Tuesday, September 21, 2010

Tuesday, September 21, 2010
Ngaio Marsh Award for Best Crime Novel, revealed*
From Crime Watch blogger Craig Sisterson:

*No, I'm not revealing who has won the 2010 Ngaio Marsh Award for Best Crime Novel today, but I am revealing for the first time what the trophy the winner will receive looks like!

As I've noted previously on this blog, this year will mark the first time (as far as I am aware) that an award for New Zealand crime fiction has ever been made. While the Canterbury Earthquake led to the unfortunate cancellation of the 2010 The Press Christchurch Writers' Festival, where the inaugural award was due to be made, the presentation of the Ngaio Marsh Award for Best Crime Novel (pictured above) has merely been postponed, and a replacement event will occur sometime in the coming weeks (likely in November). I will let you know the details of the eventual event, once things have been confirmed.

So at least all of you who are reading the three finalists now have a little more time to formulate your own opinion, before the official announcement. And booksellers have more time to promote all three finalists prior to the winner being announced.

Turning now to the Ngaio Marsh Award for Best Crime Novel trophy itself; there's a bit of a story behind the design of the trophy (pictured above). We were wanting to create something that was a little different and unique, that fit the kind of slightly irreverant and low-key style of many of the other crime fiction awards around the world (eg the Edgar, the Agatha, the Macavity, the Ned Kelly, the Arthur Ellis, the Theakston, the Dagger, etc - click on any of the award names to see an image of that award) while still looking good, and was also imbued with some ideas tied to Ngaio Marsh, books, crime writing, and New Zealand. Personally I think the above award does all this.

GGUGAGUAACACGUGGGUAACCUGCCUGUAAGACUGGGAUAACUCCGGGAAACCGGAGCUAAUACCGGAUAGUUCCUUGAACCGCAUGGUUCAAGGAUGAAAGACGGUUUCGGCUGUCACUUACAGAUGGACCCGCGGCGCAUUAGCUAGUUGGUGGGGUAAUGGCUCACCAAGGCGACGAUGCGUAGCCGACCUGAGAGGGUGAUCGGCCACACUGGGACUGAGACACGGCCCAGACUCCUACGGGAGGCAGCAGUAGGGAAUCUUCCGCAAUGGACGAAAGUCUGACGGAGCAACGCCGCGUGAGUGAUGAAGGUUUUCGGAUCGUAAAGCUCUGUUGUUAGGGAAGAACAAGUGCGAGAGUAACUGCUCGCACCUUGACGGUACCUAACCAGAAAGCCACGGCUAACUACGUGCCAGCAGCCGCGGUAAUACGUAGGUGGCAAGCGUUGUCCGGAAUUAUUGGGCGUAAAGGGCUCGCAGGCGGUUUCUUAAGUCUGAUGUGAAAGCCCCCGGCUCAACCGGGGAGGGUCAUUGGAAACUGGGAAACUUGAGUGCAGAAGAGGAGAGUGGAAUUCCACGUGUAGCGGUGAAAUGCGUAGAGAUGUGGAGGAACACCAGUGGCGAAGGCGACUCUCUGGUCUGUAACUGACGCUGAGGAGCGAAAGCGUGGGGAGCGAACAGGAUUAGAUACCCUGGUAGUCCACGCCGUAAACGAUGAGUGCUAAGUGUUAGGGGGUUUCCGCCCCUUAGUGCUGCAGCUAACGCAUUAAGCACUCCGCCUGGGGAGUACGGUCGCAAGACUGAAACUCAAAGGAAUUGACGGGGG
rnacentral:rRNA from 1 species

The award has been handcrafted by Auckland sculptor and visual arts and design lecturer Gina Ferguson, and mounted by Xpress Awards. As is often the case with such creative things, what we have ended up with is quite different from the earliest discussions and ideas between an informal 'design team', which also included Dr Joanne Drayton (Ngaio Marsh expert and acclaimed biographer, and a lecturer at Unitec Design School), as ideas spiralled off ideas, and the team ended up coming up with something quite unique and, I think, exciting and elegant.

In short the award looks like an old-fashioned hardcover book, opened slightly (we realised few of the awards, although they were for books, actually had books incorporated into the trophy), with a stylised etching of Dame Ngaio on the cover. The 'book' is 'flocked', which is a technique that makes it look like it has a velvety black cover, which can shimmer a bit in the light, and the stylised etching is in mother of pearl, which gives a nice simple and elegant black/white contrast, while also tying to the pearl necklaces Dame Ngaio was sometimes photographed wearing. The velvet-ish flocking kind of echoes the Golden Age, while also tying to Dame Ngaio's theatrical leanings. The stylished etching of Dame Ngaio was based on a combination of various photos - working in elements of necklace, artist's beret, wavy hair etc - while looking simple, almost like a pencil or charcoal artist's sketch (again tying to Ngaio's artistic side as well).

More at Crime Watch.


The three finalists are:

· CUT & RUN by Alix Bosco (Penguin)

· BURIAL by Neil Cross (Simon & Schuster)

· CONTAINMENT by Vanda Symon (Penguin)

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